Aperture racking is your quickest technique for scenes where the number of people in the shot changes, ensuring the best blend of shallow depth of field and critical focus for all subjects in the shot. Making use of it as an auto AI-powered in-camera mode effectively takes care of another camera operator task. All in all, a single-person crew can achieve a lot with the ZV-E1. 

Macro photo of a mushroom with strong backlighting

The OM-1's focus stacking mode has combined 15 photos to make one single macro image with greater depth of field (Image credit: Future)

4. Computational photography

Another set of in-camera AI tools that makes life easier for creators goes under the name computational modes. The OM System OM-1’s computational modes include focus stacking, which combines multiple images shot at different focus distances into one image for greater depth of field – a technique widely used for macro photography. 

Again, you could take these pictures individually, shifting the focus distance incrementally between each one, and then combine them using editing software, but what AI does is expedite the process, so you get a stacked image in-camera at the press of a button. Computational focus stacking isn’t perfect – I’ve regularly noticed a halo effect with brightly-lit high-contrast subjects, but it does make the process much easier. 

The same camera also offers Live ND, which is a bit like the Motion Mode in the latest Google Pixel handsets, which can replicate the popular landscape photography long-exposure effect by blurring moving subjects or elements, such as water. High Res shot, High Dynamic Range… all of these computational modes empower modern cameras beyond what was possible a few years ago.

Side by side photo of an airplane with and without image.canon app processing

Photo on the left is shot at ISO 25,600 but with the image.canon AI-powered processing it looks as clean as a photo taken at ISO 6,400 (Image credit: Canon)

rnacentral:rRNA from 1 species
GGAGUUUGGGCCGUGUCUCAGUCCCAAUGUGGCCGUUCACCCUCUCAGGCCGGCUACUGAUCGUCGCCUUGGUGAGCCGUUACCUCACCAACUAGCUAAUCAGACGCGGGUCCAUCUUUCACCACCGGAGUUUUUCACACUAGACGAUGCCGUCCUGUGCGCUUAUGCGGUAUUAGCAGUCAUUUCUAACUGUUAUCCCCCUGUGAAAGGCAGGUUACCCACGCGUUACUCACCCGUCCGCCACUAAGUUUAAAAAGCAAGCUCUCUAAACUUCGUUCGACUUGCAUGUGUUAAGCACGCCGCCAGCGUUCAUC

5. Improved image processing

This isn't strictly an in-camera AI tool, but earlier this year Canon shared its neural network technology for its cloud-based image.canon app, which addresses image defects such as noise, false color/moire and lens softness, using deep-learning AI image processing that goes way beyond the standard in-camera image processing. 

Where standard in-camera image processing applies an edit such as noise reduction on a pixel-by-pixel level, AI image processing analyzes the bigger picture, detecting subjects and applying different enhancements to different areas of the same image to maximize detail. Canon describes the noise-reduction function of its new tech like this: “In photographic terms, it equates to reducing the ISO setting by about two values without affecting the exposure.”

It’s a little bit like how the Topaz Photo AI editor can magically improve image quality, but linking directly to Canon cameras via Canon’s own apps. Whether this level of correction can be built directly into a Canon camera and its processor, we’ll see. 

What’s next for in-camera AI?

We can look to the latest generation of smartphones for the possible ways that AI might continue improving how cameras operate. Some improvements will pertain to the kind of images that our cameras are capable of producing, while others will be at the operational level, making life easier for photographers and filmmakers. 

It could be neat to have the smartphone portrait mode effect available for cheaper, slower camera lenses that don't quite offer the shallow depth you want, like a 18-55mm F3.5-5.6 kit lens. And what's stopping AI subject detection being used to power prompts that tell you how to compose a scene better based on what it sees in the shot, in real time? Whatever comes next, the AI imaging revolution shows no signs of slowing down. 

Timothy Coleman
Cameras editor

Tim is the Cameras editor at TechRadar. He has enjoyed more than 15 years in the photo video industry with most of those in the world of tech journalism. During his time as Deputy Technical Editor with Amateur Photographer, as a freelancer and consequently editor at Tech Radar, Tim has developed a deeply technical knowledge and practical experience with cameras, educating others through news, reviews and features. He’s also worked in video production for Studio 44 with clients including Canon, and volunteers his spare time to consult a non-profit, diverse stories team based in Nairobi. Tim is curious, a keen creative, avid footballer and runner, and moderate flat white drinker who has lived in Kenya and believes we have much to enjoy and learn from each other.